‘We remain incredibly excited by the underlying growth across each of the business divisions, our recent acquisitions and the significant cross-sell opportunities to our highly engaged consumer audience and our unrivalled partner base,’ he concluded.[1]


TPO offers new guidance for agents entering properties

Published On: November 3, 2016 at 10:21 am


Categories: Property News

Tags: ,,,

The Property Ombudsman has moved to provide new guidance concerning gaining tenants’ consent before accessing a property.

This alteration comes as a direct result of queries from agents regarding changes made to paragraph 8f of TPO Lettings Code of Practice, which came into force on the 1st October.


A number of agents interpreted the paragraph as suggesting that the explicit consent of a tenant must be gained before gaining entry. However, The Property Ombudsman has said this is incorrect.

The paragraph has subsequently been amended, so it now reads:

‘Access to a property may be required by you, or an authorised third party on behalf of the landlord (e.g. a surveyor, builder, tradesman etc) for the purpose of viewing the condition, state of repair and/or to fulfil related statutory obligations and/or to carry out repairs. Ifyou hold the key but are not able to accompany that person, the tenant must be given the appropriate minimum notice of 24 hours or that prescribed by law, of the appointment (unless agreed otherwise with the tenant beforehand), except in cases of genuine emergency. Notwithstanding providing the tenant with reasonable notice to access a property, express consent from the tenant to do so should be obtained.’[1]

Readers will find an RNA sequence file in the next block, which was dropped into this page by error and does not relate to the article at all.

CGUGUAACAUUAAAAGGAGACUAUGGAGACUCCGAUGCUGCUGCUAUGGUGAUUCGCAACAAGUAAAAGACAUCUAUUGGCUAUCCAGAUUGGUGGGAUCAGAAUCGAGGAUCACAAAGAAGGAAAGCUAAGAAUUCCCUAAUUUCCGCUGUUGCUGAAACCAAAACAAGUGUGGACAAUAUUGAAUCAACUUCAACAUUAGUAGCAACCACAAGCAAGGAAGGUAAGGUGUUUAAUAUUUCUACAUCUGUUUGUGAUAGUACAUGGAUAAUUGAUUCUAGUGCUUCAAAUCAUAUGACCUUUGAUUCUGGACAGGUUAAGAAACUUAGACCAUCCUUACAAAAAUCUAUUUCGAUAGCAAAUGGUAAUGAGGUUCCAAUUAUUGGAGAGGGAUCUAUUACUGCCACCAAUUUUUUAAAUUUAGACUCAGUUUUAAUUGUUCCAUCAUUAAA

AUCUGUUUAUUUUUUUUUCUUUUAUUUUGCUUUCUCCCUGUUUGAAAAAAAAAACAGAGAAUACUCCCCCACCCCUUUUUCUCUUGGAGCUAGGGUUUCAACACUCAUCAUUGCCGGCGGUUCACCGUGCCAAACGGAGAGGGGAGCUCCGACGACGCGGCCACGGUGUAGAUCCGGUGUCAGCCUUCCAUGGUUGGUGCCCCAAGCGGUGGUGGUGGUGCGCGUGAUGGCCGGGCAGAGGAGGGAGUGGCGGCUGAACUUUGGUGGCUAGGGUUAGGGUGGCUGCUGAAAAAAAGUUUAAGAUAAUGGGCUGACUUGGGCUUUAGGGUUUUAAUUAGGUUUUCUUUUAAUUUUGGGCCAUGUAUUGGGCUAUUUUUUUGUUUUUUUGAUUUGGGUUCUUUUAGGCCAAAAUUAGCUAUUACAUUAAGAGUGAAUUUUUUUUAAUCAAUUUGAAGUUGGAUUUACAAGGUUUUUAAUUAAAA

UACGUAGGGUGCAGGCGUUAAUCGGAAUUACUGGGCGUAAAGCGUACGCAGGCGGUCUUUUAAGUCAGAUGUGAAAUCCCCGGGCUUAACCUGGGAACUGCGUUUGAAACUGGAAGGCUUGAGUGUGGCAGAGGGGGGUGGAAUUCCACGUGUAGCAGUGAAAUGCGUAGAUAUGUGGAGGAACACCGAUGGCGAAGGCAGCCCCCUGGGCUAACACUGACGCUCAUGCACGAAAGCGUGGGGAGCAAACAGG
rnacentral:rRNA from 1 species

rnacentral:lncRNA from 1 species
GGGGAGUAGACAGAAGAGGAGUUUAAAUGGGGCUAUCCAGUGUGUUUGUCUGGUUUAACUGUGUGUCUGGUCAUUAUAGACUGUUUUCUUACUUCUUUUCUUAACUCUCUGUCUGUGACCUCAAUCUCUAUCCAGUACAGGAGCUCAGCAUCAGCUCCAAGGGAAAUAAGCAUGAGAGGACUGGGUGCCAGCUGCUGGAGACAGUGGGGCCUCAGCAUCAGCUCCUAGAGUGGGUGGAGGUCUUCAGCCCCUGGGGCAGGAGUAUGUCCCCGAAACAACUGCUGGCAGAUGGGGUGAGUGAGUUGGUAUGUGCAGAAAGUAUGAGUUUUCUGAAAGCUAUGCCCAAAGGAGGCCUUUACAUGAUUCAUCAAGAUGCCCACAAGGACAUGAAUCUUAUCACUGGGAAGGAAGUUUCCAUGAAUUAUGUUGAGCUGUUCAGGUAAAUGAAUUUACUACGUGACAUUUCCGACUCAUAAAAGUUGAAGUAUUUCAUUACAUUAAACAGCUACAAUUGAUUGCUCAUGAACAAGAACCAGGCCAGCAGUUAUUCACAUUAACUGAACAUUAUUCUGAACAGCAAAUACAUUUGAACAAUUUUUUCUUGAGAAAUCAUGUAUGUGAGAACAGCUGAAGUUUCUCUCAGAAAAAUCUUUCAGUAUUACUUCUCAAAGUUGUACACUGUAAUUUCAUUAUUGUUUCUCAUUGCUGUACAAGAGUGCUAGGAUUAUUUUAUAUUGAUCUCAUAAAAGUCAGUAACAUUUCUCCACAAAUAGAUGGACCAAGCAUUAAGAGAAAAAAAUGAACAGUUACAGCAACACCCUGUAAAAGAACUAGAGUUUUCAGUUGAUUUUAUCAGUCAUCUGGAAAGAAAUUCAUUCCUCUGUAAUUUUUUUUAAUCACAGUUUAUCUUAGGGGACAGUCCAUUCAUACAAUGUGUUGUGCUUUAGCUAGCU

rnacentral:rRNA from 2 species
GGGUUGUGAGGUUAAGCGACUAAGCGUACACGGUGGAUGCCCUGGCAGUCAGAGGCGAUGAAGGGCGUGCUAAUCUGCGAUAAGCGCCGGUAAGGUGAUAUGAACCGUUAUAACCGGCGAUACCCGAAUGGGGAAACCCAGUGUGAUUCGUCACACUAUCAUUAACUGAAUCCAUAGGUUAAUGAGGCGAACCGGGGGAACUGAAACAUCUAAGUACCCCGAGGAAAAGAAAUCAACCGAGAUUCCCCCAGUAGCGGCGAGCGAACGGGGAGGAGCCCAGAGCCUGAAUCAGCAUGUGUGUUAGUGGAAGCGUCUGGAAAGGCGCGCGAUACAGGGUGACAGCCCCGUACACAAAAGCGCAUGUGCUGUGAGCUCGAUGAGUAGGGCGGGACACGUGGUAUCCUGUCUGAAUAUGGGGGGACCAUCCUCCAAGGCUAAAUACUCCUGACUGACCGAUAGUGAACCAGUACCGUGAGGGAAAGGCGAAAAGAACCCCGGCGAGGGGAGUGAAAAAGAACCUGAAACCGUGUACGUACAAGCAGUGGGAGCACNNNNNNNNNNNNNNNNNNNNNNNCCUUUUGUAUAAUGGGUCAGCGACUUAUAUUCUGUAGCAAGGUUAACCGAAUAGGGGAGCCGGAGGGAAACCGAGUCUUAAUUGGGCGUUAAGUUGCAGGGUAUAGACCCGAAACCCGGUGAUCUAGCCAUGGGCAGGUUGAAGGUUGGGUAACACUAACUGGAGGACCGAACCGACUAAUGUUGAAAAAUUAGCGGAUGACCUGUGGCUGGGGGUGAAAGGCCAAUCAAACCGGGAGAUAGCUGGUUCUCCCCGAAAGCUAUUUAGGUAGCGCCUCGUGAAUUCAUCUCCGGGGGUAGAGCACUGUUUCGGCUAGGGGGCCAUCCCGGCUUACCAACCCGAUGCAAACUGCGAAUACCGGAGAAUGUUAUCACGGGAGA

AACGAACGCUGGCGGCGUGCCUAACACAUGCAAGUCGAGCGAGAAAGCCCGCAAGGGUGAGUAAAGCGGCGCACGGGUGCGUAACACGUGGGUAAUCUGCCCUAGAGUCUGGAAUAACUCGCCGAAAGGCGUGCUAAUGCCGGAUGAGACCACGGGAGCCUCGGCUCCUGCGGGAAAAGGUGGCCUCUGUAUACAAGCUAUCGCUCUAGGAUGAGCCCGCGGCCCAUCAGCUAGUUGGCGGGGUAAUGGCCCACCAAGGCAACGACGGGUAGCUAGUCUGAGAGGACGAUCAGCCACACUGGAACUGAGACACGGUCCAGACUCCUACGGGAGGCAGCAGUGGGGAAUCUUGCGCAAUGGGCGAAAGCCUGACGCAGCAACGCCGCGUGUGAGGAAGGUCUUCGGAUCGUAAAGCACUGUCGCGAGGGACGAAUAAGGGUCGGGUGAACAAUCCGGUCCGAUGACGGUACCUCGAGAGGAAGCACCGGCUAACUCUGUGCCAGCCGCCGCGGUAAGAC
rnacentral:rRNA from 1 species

In practice then, an agent must give written confirmation of their request to access the property to the tenant.

TPO offers new guidance for agents entering properties

TPO offers new guidance for agents entering properties


Within this request, the tenant must be asked for their confirmation of their consent. This request must also be issued in good time, in order to allow the tenant reasonable time to respond. An absolute minimum timeframe is 24 hours.

The alteration was made to the TPO Lettings Code after a number of cases where agents had only given 24 hours notice, sometimes not through the correct channels. For example, many sent the request through text message before entering, often surprising the tenant.

The TPO said: ‘Whilst legal, this was clearly not good practice and not the manner in which we would expect agents, who had voluntarily chosen to follow the TPO Code, to behave.’[2]